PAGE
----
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Performance-Based Behavioral Interviewing - Hiring Emotionally Intelligent People

Performance-Based Behavioral Interviewing

Conducting an effective pre-employment job interview takes a great deal of skill and preparation. You want to interview candidates to assess their technical competence and most importantly their emotional intelligence and social intelligence. A poor hire can cause your company a great deal of money and undue distress for everyone involved.

Key Points for Conducting an Effective Interview:

  • Successful work behavior requires a mixture of job and people skills.
  • The single best predictor of future behavior is candidates' past behavior.
  • Stay focused and conscious.
  • Overcome emotional reactions and remain in control.
  • Listen 80% of the time.

Preparation is key to a successful, effective interview:

1. Do a Job Analysis. Identify critical success factors or job-specific competencies.

2. Create a job description based on what work needs to be accomplished.

3. Read candidates' resume and reference letters.

4. Decide how long the interview should take, generally 30-60 minutes.

5. Write job-specific competency questions. Example: Tell me how you have used your computer skills to
    accomplish a specific business objective?

6. Write Emotional Intelligence competency questions. Example: Effective team members are able to listen deeply
    to others and appreciate what their teammate is experiencing and feeling. Can you tell me about a time when you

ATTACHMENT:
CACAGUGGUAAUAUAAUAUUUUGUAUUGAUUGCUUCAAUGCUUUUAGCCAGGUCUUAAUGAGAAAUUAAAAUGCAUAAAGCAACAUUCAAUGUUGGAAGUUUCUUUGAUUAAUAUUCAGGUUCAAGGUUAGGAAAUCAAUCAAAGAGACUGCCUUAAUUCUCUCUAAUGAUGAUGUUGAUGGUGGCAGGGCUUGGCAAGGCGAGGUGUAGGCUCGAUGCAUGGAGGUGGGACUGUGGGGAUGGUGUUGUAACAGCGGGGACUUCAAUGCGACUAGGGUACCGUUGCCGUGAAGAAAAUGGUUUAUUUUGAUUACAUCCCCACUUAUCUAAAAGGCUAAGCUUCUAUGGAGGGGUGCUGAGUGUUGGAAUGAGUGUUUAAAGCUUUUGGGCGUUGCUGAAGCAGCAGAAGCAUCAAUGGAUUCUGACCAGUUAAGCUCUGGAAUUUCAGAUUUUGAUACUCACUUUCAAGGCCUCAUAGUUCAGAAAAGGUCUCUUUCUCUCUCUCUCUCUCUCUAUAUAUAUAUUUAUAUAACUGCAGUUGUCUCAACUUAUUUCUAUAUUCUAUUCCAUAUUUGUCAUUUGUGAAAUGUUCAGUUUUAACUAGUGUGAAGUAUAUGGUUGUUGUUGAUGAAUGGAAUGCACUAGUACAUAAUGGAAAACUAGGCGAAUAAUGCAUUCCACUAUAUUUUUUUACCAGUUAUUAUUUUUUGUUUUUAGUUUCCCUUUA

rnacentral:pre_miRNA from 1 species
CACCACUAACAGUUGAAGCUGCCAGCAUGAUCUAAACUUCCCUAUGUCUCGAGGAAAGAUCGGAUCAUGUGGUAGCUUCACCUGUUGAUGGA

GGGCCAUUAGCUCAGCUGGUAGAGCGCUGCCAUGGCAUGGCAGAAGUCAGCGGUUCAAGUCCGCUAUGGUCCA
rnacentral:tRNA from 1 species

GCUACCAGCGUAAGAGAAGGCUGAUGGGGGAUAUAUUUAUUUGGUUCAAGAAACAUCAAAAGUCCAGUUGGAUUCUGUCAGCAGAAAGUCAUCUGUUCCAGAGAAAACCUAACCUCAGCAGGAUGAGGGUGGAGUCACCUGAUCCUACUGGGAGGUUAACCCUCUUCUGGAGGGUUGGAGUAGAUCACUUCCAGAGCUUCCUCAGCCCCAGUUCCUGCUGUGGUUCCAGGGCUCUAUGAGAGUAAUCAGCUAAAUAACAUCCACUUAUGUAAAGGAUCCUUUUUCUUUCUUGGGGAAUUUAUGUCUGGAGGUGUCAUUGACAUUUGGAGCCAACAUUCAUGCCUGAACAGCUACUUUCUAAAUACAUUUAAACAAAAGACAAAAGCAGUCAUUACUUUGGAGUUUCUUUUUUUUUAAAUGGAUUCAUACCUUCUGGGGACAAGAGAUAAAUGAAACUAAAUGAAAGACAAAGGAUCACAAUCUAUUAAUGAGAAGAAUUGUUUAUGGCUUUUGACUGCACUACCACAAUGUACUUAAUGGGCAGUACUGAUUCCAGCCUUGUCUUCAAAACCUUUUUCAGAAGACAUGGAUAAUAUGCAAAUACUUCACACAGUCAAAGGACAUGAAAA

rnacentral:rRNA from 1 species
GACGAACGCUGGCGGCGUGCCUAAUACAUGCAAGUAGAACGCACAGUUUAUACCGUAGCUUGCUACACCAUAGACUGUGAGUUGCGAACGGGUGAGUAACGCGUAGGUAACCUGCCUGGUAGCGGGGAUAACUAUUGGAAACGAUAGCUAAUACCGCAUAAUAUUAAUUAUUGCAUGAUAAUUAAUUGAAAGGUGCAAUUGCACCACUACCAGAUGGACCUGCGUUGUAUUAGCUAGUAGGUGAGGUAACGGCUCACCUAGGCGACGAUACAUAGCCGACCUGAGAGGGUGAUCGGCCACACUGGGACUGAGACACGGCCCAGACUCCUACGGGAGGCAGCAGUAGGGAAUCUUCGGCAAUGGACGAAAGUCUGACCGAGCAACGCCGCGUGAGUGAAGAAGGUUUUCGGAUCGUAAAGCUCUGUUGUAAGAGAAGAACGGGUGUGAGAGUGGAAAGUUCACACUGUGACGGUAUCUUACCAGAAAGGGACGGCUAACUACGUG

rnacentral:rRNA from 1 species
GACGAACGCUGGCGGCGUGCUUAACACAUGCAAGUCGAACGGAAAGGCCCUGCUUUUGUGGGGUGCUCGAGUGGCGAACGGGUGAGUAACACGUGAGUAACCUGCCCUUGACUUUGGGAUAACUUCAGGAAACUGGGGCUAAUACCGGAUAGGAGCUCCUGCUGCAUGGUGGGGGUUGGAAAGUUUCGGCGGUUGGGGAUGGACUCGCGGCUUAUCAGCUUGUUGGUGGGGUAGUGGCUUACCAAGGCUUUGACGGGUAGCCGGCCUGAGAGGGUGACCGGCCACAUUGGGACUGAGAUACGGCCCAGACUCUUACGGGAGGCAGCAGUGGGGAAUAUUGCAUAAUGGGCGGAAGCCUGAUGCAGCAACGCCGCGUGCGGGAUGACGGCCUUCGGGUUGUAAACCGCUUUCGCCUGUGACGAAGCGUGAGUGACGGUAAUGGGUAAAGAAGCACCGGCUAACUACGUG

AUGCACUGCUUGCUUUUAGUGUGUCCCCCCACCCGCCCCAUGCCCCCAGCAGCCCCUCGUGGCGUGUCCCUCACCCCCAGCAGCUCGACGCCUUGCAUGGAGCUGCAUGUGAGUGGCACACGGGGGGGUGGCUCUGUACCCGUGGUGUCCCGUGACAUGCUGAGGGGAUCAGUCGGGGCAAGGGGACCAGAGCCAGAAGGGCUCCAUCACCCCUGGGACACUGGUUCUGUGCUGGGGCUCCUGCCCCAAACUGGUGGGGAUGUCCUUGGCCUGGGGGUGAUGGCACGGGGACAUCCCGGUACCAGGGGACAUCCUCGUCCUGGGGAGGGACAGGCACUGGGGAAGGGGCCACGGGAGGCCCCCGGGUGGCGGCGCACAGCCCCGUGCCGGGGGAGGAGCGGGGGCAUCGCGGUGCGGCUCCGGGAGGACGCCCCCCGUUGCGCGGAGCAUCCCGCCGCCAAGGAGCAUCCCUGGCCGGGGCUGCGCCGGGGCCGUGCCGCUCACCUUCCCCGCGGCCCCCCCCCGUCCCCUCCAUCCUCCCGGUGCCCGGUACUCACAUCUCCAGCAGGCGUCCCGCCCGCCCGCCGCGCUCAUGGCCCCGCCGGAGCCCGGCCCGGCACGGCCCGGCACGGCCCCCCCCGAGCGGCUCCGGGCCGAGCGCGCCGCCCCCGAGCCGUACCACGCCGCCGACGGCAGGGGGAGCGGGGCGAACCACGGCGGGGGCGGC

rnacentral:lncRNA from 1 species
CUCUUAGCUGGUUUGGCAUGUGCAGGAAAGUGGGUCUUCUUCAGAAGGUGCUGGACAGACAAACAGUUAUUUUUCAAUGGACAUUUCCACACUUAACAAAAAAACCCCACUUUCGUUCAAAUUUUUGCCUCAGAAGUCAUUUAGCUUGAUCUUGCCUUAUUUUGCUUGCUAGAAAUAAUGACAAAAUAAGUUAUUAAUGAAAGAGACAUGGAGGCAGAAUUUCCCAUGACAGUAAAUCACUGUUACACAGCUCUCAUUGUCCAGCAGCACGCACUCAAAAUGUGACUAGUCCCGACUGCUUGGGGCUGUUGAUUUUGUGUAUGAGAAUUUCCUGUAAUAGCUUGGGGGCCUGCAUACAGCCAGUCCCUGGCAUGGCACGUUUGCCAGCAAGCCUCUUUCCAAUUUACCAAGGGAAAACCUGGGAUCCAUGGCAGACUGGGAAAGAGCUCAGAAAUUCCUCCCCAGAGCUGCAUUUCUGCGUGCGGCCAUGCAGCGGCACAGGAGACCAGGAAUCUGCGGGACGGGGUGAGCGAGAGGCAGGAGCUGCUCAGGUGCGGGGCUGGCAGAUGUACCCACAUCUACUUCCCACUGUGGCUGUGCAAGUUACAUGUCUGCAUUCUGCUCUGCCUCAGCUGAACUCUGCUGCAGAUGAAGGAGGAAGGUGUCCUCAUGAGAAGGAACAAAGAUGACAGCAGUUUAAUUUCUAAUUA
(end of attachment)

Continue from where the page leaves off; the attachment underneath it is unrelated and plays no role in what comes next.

experienced being able to truly understand a coworker? (Empathy).

7. Indicate problem behaviors (would cause a competent person to fail) on Job Rating Sheet. Example: Unable to
    manage conflict

8. Decide if a work sample is necessary and how the skills should be demonstrated.

9. Incorporate valid, reliable and job-related pre-employment tests.

During the interview procedure:

1. Ask specific job skills and education competency questions that you have prepared.

2. Ask interpersonal skills competency questions. Emotional Intelligence competency
    questions represent approximately 70 % of any interview, supplemented by other
    types of questions.   

3. Take notes, including any potential problem behaviors.

4. Note areas for personal and career development.

5. Call references.

6. Complete a Hiring Rating Sheet including ratings on general impression,
    interpersonal skills and job-specific competencies, work simulation observations, test
    results, references and recommendations for hire.

Hiring decision:

1. Each member of interviewing team shares analysis of candidates' work-related
    competencies and other job-related data with the hiring manager and a final decision
    is made. 

Are you making good hiring decisions selecting people that are emotionally intelligent and a good fit with your company or law firm culture?

Dr. Maynard Brusman is a consulting psychologist, executive coach and trusted advisor to senior leadership teams. We provide strategic talent management solutions to select and develop emotionally intelligent leaders and lawyers.

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Dr. Maynard Brusman
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